Realistic aims: Are the expected impacts and timescales realistic given the level of funding and timescale of the programme and the evaluation?
Why area-based investment might not be as successful as hoped
Area versus individual investment: Investment targeted at priority areas will not reach the majority of socioeconomically deprived population at a national level.
Theory: Mechanisms or routes through which impacts are to be expected need to be made explicit when the programme is being planned (this is aside from visible links to health within the general vision of a programme). This has rarely been done and programmes have been criticised for being unfocused.
Residential mobility: Residents whose socioeconomic circumstances improve often leave the area and are replaced by more socioeconomically deprived residents, thus area-based deprivation remains despite apparent benefit for some individuals.
Stigma: Areas in receipt of assistance may be stigmatised, thus compounding existing social exclusion for residents.
Ideological: Area-based initiatives have been criticised for ignoring the root causes of socioeconomic deprivation and exclusion at wider societal level.
Issues when assessing the health impact of area-based investment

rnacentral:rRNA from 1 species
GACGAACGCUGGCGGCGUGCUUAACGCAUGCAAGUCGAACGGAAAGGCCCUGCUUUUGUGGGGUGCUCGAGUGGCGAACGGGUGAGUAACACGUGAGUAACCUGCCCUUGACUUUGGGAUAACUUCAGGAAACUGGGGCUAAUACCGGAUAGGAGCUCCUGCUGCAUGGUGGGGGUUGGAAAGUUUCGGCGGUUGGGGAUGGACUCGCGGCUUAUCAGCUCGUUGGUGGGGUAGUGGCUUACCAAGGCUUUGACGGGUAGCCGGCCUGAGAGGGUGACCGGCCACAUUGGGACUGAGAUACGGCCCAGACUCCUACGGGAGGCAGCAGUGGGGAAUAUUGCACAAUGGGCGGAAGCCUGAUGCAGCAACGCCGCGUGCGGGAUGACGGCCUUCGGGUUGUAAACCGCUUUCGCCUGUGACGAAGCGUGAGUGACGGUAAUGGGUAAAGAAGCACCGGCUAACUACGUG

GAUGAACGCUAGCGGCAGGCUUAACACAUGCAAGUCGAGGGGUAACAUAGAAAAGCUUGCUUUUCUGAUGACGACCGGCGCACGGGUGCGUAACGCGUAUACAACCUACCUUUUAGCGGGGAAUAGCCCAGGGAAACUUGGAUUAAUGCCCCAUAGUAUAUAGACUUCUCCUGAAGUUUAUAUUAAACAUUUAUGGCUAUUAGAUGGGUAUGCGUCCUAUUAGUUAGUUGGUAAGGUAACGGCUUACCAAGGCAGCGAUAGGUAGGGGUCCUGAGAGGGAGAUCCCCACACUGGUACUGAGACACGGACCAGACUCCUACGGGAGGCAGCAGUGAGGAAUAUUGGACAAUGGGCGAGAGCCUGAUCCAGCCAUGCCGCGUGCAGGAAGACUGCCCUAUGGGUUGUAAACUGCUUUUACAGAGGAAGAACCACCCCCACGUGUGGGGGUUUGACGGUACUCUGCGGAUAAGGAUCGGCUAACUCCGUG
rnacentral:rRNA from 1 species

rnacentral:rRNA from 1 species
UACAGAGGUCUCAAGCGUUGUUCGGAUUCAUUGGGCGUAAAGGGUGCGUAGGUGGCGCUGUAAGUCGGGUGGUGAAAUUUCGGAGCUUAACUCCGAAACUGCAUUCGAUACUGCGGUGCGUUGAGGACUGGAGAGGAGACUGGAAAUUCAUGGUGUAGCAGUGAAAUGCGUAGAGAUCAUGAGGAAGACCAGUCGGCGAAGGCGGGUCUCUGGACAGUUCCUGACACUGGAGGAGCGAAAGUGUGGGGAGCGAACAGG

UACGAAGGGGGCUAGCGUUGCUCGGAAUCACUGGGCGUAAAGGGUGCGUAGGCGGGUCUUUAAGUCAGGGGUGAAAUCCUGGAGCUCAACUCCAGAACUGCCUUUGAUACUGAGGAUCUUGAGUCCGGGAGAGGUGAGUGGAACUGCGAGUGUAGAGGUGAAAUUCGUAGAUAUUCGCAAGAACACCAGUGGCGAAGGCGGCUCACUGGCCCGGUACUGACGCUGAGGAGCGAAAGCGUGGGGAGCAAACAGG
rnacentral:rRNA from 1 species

Use of theory: Evaluations should be designed to test a pre-specified theory mapping a mechanism or route to a measurable outcome (see above).
Reporting of data/methods: Improved transparency of evaluation methods and reported results would improve the utility of evaluation data.
Individual or routine data: Routine data is inexpensive but is often limited in reporting changes at individual level.
Small effect size: Detecting small health effects will require a large study population to detect significant changes at a population level.
Recruitment of target population: Response rates in areas of deprivation are falling.
Comparison areas: Use of a suitable comparison area is desirable but identification of an area with equal need but not selected for the investment is difficult.
Defining exposure to intervention: Individuals within the target area will have widely varying levels of exposure to what are often multiple interventions.